Lianne Marie Leda Charlie is a descendant of the Tagé Cho Hudän (Big River People), Northern Tutchone speaking people of the Yukon. She was raised by her mom, a second generation Canadian of Danish and Icelandic ancestry on the unceded territories of the Lekwugen speaking people in what is commonly known as Victoria, British Columbia. She is currently pursuing a PhD in Indigenous Politics at the University of Hawai`i at Mānoa and developing a theory of Indigenous collage. 

Mary Kaliko Correa

Kahikina DeSilva

Lorenz Gonschor
Ph.D. Candidate

Of Masurian and German ancestry, I was born in Dresden, Germany. I first studied anthropology, political science and history at the University of Tübingen and then obtained a master’s degree in Pacific Islands studies from the University of Hawaiʻi in 2008 with a thesis comparing the institutional history and perspectives of future political independence of Hawaiʻi, French Polynesia and Rapa Nui (Easter Island). My current research is situated at the intersection of the fields of Comparative Politics, Studies of State Formation, Indigenous Politics and International Relations. My dissertation, tentatively titled “A Power in the World: The Hawaiian Kingdom as a Model of Hybrid Statecraft in Nineteenth-Century Oceania,” examines the transformation of native polities in the Pacific islands under foreign influences into hybrid political systems continuing aspects of indigenous governance but also selectively adopting aspects of Western-style nation-states. Within this framework, the focus is on the importance of the Hawaiian Kingdom as a model for other archipelagos to emulate. 

Derek Kauanoe
Ph.D. Candidate

Derek Kauanoe's research interests include the indigenous rights framework of the Hawaiian Kingdom that developed statutory laws that were exclusively applicable to Native Hawaiians yet held to be constitutional by the Hawaiian Kingdom Supreme Court as well as finding ways to incorporate Native Hawaiian customary laws into modern-day decision-making more specifically how Ke Kanawai Mamalahoe (Law of the Splintered Paddle) can be used today in meaningful way for lawmakers and other decision makers.  Four years before enrolling in the Indigenous Politics program, he graduated from the William S. Richardson School of Law where he earned a certificate in Native Hawaiian Law.  Professionally, Derek currently works at the Office of Hawaiian Affairs (OHA).  He enjoys the opportunity of incorporating what he's learned from Indigenous Politics and law school into his current work.  In the Fall 2015 semester, he will co-teach Federal Indian Law at the law school.  Prior to joining OHA in 2014, Derek worked as a Faculty Specialist at the law school specifically with Ka Huli Ao Center for Excellence in Native Hawaiian Law.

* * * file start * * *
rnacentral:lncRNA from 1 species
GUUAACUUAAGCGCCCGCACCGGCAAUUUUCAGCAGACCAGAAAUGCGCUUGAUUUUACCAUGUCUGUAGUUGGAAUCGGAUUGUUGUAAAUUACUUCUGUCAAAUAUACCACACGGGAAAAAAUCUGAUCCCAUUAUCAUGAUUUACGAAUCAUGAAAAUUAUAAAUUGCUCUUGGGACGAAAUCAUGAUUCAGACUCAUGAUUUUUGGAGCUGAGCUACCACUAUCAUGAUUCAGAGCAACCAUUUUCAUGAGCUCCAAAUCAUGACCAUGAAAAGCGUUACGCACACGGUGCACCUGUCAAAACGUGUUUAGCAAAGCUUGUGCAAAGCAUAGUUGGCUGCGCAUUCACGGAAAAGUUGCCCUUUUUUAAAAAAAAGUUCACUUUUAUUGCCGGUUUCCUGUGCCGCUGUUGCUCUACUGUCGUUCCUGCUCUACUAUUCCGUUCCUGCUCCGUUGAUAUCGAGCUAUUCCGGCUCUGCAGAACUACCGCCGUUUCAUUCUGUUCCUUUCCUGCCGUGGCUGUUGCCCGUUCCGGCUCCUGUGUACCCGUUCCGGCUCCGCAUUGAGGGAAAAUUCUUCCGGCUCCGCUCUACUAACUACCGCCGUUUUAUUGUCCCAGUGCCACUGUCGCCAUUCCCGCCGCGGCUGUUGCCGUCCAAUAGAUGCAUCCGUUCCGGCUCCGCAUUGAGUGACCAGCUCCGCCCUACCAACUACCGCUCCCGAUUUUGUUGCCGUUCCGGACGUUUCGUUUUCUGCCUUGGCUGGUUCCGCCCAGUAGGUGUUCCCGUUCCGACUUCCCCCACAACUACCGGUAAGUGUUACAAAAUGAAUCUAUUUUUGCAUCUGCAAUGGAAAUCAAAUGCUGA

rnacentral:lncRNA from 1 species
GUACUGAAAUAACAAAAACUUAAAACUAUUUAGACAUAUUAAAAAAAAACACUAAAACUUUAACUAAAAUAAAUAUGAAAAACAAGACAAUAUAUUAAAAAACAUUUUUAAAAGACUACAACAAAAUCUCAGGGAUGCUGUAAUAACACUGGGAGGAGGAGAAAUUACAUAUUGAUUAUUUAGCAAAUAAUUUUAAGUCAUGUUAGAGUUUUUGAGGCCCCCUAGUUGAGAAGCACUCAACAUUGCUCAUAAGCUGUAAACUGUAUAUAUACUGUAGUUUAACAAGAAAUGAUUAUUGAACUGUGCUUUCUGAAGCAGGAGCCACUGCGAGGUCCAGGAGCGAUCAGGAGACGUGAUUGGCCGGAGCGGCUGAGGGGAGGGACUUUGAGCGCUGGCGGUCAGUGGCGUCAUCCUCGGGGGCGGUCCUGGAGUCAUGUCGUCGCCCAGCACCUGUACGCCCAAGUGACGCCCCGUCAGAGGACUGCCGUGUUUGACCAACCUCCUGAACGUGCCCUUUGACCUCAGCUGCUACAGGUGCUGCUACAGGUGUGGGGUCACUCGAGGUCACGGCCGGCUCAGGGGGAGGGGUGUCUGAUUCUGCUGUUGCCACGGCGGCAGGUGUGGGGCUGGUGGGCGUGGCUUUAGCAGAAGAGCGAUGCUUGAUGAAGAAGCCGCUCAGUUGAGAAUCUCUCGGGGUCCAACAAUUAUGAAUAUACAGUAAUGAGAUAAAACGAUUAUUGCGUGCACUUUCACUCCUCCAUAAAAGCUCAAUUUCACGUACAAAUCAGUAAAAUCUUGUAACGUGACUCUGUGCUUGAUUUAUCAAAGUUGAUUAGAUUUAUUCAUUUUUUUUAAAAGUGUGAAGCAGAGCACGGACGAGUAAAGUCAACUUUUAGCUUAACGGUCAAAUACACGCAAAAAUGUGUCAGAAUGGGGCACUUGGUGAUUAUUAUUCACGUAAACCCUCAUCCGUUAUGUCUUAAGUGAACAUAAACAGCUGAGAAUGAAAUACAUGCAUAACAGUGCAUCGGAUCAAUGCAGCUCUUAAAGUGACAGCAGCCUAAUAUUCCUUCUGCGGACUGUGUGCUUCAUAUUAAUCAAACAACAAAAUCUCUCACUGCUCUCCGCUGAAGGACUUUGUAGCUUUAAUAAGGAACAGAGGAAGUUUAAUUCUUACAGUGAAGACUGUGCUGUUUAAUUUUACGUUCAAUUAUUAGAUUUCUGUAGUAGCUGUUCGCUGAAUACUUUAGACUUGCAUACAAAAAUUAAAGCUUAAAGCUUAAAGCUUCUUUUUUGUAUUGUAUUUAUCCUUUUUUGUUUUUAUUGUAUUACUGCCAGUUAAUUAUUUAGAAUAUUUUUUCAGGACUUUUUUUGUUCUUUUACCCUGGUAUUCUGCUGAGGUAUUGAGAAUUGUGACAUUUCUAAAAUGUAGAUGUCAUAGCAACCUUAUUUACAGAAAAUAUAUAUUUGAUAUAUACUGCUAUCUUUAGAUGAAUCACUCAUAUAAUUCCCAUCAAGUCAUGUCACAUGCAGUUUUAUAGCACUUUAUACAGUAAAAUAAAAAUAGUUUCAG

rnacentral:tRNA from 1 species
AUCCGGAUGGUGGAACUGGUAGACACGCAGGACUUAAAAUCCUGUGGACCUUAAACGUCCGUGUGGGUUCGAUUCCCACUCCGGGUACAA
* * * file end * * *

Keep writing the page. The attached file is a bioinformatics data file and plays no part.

No‘eau Peralto
Ph.D. Candidate

Aloha mai kākou. ʻO wau nō ʻo Noʻeau Peralto. No Waiākea Uka, ma Hilo, ma Hawaiʻi nui kuauli mai au, a he mamo nō hoʻi kēia na ka ʻāina kaulana i ka makani Koholālele e pā aku nei mai nā pali lele koaʻe o Hāmākua a i Kīpahulu i nā Hono a ʻo Piʻilani. I am a recent graduate of the Kamakakūokalani Center for Hawaiian Studies, and I am currently pursuing a Ph.D. in Political Science with a concentration on Indigenous Politics. Actively involved in community-based research and activism in Hāmākua, Hawaiʻi, where my ʻohana is from, I am passionately engaged in deepening my knowledge of mālama ʻāina, kālaiʻāina, moʻolelo ʻōiwi, and ʻŌlelo Hawaiʻi as tools for cultivating critical consciousness, exercising our commitment to social transformation, and re-establishing kuleana to our kulāiwi.